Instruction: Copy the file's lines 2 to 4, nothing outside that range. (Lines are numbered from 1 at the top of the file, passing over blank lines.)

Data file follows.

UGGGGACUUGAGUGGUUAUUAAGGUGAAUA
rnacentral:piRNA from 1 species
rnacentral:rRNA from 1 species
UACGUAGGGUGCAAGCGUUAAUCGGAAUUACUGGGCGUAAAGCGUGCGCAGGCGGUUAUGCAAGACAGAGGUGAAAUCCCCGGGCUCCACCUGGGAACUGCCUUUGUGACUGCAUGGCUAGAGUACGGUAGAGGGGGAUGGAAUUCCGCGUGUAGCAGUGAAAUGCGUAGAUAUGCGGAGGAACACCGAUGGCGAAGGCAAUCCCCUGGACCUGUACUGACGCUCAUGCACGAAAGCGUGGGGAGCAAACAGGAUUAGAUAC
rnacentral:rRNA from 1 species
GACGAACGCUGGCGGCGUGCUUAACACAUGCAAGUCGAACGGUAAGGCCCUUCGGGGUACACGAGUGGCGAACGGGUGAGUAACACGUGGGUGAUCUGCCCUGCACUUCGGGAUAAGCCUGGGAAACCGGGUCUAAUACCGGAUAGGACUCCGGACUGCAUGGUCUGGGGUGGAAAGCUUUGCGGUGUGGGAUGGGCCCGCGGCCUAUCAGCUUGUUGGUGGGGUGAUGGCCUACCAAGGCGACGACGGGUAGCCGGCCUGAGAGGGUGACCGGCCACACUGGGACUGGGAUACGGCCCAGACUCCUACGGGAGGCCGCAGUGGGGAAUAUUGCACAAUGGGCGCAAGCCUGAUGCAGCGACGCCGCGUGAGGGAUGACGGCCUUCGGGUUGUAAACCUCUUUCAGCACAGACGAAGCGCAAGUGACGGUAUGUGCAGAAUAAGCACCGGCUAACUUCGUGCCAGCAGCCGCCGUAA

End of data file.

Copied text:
rnacentral:piRNA from 1 species
rnacentral:rRNA from 1 species
UACGUAGGGUGCAAGCGUUAAUCGGAAUUACUGGGCGUAAAGCGUGCGCAGGCGGUUAUGCAAGACAGAGGUGAAAUCCCCGGGCUCCACCUGGGAACUGCCUUUGUGACUGCAUGGCUAGAGUACGGUAGAGGGGGAUGGAAUUCCGCGUGUAGCAGUGAAAUGCGUAGAUAUGCGGAGGAACACCGAUGGCGAAGGCAAUCCCCUGGACCUGUACUGACGCUCAUGCACGAAAGCGUGGGGAGCAAACAGGAUUAGAUAC